Leaving Castrojeriz early at dawn one can enjoy a sunrise as spectacular as the sunset in the castle. Just after the Castrojeriz, the Camino de Santiago continues along a quite steep and prolonged slope leading to a flat plateau. If you are lucky to have got to the top by the time the sun is rising you’ll understand why I’m saying this. By the way, Castrojeriz is approximately the middle point in the Camino de Santiago, The Way of St. James, if you started in St. Jean Pied de Port. So be aware that you are now starting your Camino’s second half, you must be an experienced pilgrim by now. Only joking.
In this stage of Camino de Santiago, we’ll continue along the flat cereal fields and small villages. There is a nice hermit right before the cute village of Itero del Castillo. This is the hermit of Saint Nicholas (San Nicolas) and its function is to be a pilgrim’s hostel (albergue). San Nicolas’ albergue is run by La Confraternita di San Jacopo di Compostella from Perugia (Italy) from May to October. We didn’t stop there for the night since it was still very early in the day, and we had walked a small distance, but we stopped for breakfast which an Italian couple prepared kindly for us asking only for a donation. The temple (and the albergue) doesn’t have electricity so at night it has to be lit by candles and pilgrims sleep inside the medieval temple. It must be such a basic and romantic experience to stay there for the night.
The final stop for the day could be the big village of Fromista. Fromista was a very important town in the Middle Ages and it keeps probably the finest pieces of Romanesque architecture in Western Europe. La iglesia de San Martin (Church of Saint Martin) built in the 11th century is one the Romanesque temples more completed of all Europe. The church of Santa Maria del Castillo, Gothic-Renaissance; the Gothic church of San Pedro; the Gothic hermit of Otero, and the Canal de Castilla, are some of Fromista’s monuments.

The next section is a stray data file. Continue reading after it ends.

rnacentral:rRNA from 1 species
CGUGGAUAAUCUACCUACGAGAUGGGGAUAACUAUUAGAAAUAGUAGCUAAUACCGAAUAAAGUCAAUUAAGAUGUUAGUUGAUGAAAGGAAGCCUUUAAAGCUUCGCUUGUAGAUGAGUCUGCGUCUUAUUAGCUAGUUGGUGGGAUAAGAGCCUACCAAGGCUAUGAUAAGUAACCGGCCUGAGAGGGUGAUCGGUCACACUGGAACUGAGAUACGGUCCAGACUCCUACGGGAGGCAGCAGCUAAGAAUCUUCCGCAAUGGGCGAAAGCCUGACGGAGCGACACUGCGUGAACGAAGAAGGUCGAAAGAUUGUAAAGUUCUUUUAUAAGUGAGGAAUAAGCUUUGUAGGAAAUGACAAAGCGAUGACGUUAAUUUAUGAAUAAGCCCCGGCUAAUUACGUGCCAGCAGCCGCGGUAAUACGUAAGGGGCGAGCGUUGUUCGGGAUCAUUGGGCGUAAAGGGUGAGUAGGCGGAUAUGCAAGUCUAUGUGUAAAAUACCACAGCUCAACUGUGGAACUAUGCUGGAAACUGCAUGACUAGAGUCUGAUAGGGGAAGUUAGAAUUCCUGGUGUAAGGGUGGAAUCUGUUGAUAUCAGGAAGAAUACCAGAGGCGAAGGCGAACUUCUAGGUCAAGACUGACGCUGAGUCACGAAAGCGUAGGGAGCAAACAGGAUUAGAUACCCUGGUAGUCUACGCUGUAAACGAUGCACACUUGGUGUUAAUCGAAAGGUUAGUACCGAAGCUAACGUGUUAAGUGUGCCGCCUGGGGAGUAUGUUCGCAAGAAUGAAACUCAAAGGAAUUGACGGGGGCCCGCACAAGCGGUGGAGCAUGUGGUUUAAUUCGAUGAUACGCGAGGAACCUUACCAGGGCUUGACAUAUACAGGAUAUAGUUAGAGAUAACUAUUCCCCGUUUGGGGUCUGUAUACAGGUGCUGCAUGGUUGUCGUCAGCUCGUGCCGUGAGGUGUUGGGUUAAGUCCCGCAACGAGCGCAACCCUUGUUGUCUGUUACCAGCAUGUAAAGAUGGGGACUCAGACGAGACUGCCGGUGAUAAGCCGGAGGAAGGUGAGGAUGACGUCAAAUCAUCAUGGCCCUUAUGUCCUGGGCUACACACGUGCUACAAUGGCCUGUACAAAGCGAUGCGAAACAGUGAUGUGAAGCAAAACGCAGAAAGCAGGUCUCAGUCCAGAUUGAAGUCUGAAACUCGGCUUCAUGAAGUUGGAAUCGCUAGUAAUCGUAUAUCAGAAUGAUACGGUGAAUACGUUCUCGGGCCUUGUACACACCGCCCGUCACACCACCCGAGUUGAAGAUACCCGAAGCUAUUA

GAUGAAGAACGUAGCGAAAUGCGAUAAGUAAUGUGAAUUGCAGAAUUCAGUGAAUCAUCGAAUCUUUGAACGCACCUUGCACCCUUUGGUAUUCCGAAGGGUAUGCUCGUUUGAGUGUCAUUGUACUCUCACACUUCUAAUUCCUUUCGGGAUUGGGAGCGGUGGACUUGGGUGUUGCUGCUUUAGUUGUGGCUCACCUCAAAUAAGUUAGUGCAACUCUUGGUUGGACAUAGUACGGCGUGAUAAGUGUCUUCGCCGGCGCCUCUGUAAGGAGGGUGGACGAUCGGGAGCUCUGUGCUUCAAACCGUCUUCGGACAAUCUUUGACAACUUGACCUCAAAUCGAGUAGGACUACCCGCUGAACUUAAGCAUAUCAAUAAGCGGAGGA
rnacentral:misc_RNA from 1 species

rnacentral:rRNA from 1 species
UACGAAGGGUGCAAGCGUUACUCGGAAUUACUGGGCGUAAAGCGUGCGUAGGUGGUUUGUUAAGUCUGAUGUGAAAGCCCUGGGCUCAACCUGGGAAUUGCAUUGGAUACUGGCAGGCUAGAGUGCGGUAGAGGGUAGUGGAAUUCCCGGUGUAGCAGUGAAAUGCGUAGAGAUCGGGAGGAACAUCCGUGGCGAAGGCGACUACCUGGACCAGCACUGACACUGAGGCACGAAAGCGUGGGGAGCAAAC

Actually, I want to talk a bit of Canal de Castilla (Channel of Castile) because pilgrims will cross it a few times during these stages of Camino de Santiago. The Canal de Castilla was a huge hydraulic engineering project of the second half of 18th century and beginning of 19th century. The Canal goes through parts of the provinces of Burgos, Palencia and Valladolid and was built to facilitate the transport of grain to the ports in the north coast so that they could be shipped overseas. However the arrival of the train soon brought the decadence of the transport by boats along the Canal de Castilla. Nowadays, its major use is for the watering of the cereal fields.
Finally, a bit of practical information: the public albergue in Fromista is quite big and has a nice courtyard for hanging wet clothes, leaving the bicycles and staying out in the evenings. It’s quite a big albergue but in summer months it can be full quite easily, but there are also some other private hostels in town. In Fromista there are every kind of shops, bars, restaurants, pharmacies and doctor. What else? A yes, banks, post office, etc, etc…